vocab 15

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Teodor
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303061
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vocab 15
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2015-05-20 22:02:13
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  1. tractable
    If your little brother quietly obeys your instructions and waits for you at the food court while you and your friends wander around the mall, he's probably a tractable child, meaning he's obedient, flexible, and responds well to directions.
  2. volatile
    Watch out when a situation becomes volatile— it is likely to change for the worse suddenly. You fight and then make up with your partner often if you two have a volatile relationship.
  3. resilient
    When something is strong and able to recover from damage quickly, call it resilient.If you're rough on your toys, the ones that don't break are resilient.
  4. introspective
    Someone who is introspective spends considerable time examining his own thoughts and feelings. If you take to your diary after an unhappy break-up, you are being introspective.
  5. incongruous
    • Something that's incongruous is inconsistent or incompatible with something else. Remember that Sesame Street song "One of these things is not like the other"? They were talking about that one thing being incongruous.
    •  inappropriate, unsuitable, unsuited
  6. autocratic
    Autocratic describes a way of ruling, but not in a nice way. An autocratic leader is one who rules with an iron fist; in other words — someone with the behavior of a dictator.
  7. dogmatic
    Someone who is dogmatic has arrogant attitudes based on unproved theories. If you dogmatically assert that the moon is made of green cheese, you'll just get laughed at.
  8. belletrist
    critic
  9. nouveau
    modern; up to date
  10. feasible
    • If something is feasible, then you can do it without too much difficulty. When someone asks "Is it feasible?" the person is asking if you'll be able to get something done.
    • achievable, attainable, realizable, viable
  11. worthwhile
    Things that are worthwhile are good — they're worth the time or money you spend on them.
  12. hiatus
    A temporary gap, pause, break, or absence can be called a hiatus. When your favorite TV show is on hiatus, that means there are no new episodes — not forever, just for a little while.
  13. incursion
    When an army crosses a border into another country for battle, they are making an incursion into enemy territory. An incursion is an invasion as well as an attack.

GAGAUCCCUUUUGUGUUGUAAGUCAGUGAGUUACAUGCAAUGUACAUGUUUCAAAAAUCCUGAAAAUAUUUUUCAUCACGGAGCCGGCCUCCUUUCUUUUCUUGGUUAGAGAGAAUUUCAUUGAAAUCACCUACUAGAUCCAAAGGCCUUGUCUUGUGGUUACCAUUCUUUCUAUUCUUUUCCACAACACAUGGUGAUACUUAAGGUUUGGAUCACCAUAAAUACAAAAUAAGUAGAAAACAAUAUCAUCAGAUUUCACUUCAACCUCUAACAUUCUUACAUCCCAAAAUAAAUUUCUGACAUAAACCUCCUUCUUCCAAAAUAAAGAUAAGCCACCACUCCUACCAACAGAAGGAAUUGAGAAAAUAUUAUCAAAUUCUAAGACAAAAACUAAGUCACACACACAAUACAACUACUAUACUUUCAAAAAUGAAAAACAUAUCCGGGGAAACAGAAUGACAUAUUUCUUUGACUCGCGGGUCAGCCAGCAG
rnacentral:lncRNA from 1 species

14. terse
    Terse means brief, or using very few words. If your teacher tells you to make your writing in your essay style terse and to the point, he's saying use as few words as you can and be simple and clear
  15. tardiness
    Tardiness is the quality of being late. When people don't show up on time, they're guilty of tardiness; lateness
  16. lassitude
    • a state of physical or mental weariness; lack of energy.
    • she was overcome by lassitude and retired to bed
  17. expiate
    Expiate means to make amends or atone for a wrong you or someone else has committed.
  18. conceal
    When you conceal something, you are keeping it from being discovered: ���To avoid another argument with his cousins, Jonathan worked hard to conceal his disappointment at the outcome of the race.”
  19. surrogate
    Someone who acts as a surrogate takes the place of another person. If a celebrity leaves her seat to use the restroom in the middle of a big Hollywood awards ceremony, a surrogate will take his or her place until she returns.
  20. abjure
    Abjure means to swear off, and it applies to something you once believed. You can abjure a religious faith, you can abjure your love of another person, and you can abjure the practice of using excessive force in interrogation.
  21. interrogation
    An interrogation is a question or an intense questioning session. Police do interrogations of suspects all the time.
  22. resign
    To resign is to quit or retire from a position. You can also resign yourself to something inevitable, like death — meaning you just accept that it's going to happen.
  23. abstain
    If you abstain from something, you restrain yourself from consuming it. People usually abstain from things that are considered vices — like drinking alcohol or eating chocolate.
  24. barren
    • Drive through a forest that's just been destroyed by a fire, and you'll get an idea of what barren means — stripped of vegetation and devoid of life
    • unproductive, infertile, unfruitful, sterile, arid, desert
  25. downright
    • complete (used for emphasis)
    • He was so filled from his encounter with God that he was downright joyful, literally glowing.
  26. enchant
    To enchant is to cast a spell over someone, like a witch might do. It also means to attract or catch someone's attention in a less mystical way.
  27. prospector
    A prospector is someone looking for mineral deposits. Prospectors are usually after gold
  28. solitude